The wing spot is present only in males, and the yellow gene, accordingly, is expressed differently in the wing of the two sexes. We found that this sexually dimorphic regulation of yellow is not controlled by the canonical sex determination pathway that controls all differences between sexes in Drosophila. Instead, we found that the sexually dimorphic regulation of the spot enhancer activity is controlled by transvection (Galouzis & Prud’homme, Science 2021). Transvection, or proximity-dependent interallelic interaction, is a regulatory mechanism that relies on interchromosomal communication. Since yellow is on the X chromosome it is present in two copies in females, but only one in males. Therefore, the yellow alleles can only interact in females, which leads to the silencing of the spot enhancer.

We are currently addressing the mechanisms of transvection at the yellow locus by studying how the yellow alleles find each other in the nuclear space; what is the minimal distance required for their functional interaction; and how the physical proximity of the two alleles leads to the silencing of the spot enhancer. For this, we combine molecular and genetics approaches with quantitative microscopy methods. Our long-term goal is to better understand the relationship between the genome topology, in particular the homologous chromosomes, and the regulation of gene expression.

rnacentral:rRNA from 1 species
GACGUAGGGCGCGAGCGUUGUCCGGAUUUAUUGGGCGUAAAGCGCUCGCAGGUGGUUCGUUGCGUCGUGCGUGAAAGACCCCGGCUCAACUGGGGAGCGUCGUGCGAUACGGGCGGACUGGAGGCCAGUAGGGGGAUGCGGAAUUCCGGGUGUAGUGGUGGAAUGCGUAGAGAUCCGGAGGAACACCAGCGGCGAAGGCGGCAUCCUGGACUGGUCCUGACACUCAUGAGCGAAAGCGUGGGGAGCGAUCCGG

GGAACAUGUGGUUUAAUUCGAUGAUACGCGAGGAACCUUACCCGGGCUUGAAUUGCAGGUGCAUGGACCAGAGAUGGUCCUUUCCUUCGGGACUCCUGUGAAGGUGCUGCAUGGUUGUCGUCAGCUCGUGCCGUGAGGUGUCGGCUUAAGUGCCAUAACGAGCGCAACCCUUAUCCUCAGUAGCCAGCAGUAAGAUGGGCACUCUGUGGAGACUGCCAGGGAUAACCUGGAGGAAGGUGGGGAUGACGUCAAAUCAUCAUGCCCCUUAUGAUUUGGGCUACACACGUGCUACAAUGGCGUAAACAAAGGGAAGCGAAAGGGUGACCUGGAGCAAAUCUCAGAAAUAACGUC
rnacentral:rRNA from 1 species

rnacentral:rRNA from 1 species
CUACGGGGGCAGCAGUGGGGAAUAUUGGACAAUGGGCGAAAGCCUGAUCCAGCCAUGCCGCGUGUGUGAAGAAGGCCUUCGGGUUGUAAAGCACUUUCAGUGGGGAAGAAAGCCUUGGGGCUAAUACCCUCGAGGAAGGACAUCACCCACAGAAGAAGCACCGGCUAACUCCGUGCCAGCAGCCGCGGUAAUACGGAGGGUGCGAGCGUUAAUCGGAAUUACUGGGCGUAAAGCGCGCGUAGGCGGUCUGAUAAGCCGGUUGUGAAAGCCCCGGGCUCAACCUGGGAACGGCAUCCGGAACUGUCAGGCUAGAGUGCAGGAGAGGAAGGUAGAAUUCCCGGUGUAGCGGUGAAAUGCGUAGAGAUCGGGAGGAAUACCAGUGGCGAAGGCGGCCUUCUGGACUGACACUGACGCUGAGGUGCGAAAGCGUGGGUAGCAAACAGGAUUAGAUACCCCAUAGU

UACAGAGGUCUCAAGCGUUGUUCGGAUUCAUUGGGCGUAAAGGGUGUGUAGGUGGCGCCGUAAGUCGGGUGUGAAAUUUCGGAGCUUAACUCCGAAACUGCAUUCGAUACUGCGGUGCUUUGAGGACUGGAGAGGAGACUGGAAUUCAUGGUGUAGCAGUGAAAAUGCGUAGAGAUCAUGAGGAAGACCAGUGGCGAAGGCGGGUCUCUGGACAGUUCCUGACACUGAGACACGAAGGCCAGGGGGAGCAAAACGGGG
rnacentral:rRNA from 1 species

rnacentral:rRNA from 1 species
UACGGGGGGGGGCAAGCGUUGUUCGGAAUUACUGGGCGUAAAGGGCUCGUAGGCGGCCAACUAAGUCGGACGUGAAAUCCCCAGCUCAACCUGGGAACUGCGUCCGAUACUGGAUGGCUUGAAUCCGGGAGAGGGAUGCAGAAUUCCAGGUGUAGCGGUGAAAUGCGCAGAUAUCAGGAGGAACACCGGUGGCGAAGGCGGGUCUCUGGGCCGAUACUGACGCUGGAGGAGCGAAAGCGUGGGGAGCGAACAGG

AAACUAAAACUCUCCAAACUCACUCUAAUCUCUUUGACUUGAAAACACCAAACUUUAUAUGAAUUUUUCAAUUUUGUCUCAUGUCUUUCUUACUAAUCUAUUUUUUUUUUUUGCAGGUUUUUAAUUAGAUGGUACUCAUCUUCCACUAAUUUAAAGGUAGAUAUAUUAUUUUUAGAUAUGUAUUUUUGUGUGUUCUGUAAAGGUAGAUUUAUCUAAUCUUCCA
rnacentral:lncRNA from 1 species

Evolution of the fruit pest species Drosophila suzukii

Drosophila suzukii laying an egg on a ripe cherry
Drosophila suzukii assessing a ripe cherry as a possible egg-laying substrate
In parallel, we are studying the egg-laying behavior of Drosophila suzukii. This species is an invasive, agricultural pest that arrived in Europe and North America in 2007-2008. Unlike most other Drosophila species that lay their eggs in fermenting or rotten fruit, D. suzukii prefers to lay its eggs in ripening fruit. It targets mostly small stoned fruit and red berries, including cherries, strawberries, raspberries, etc… D. suzukii is causing substantial economic losses to the fruit crop industry.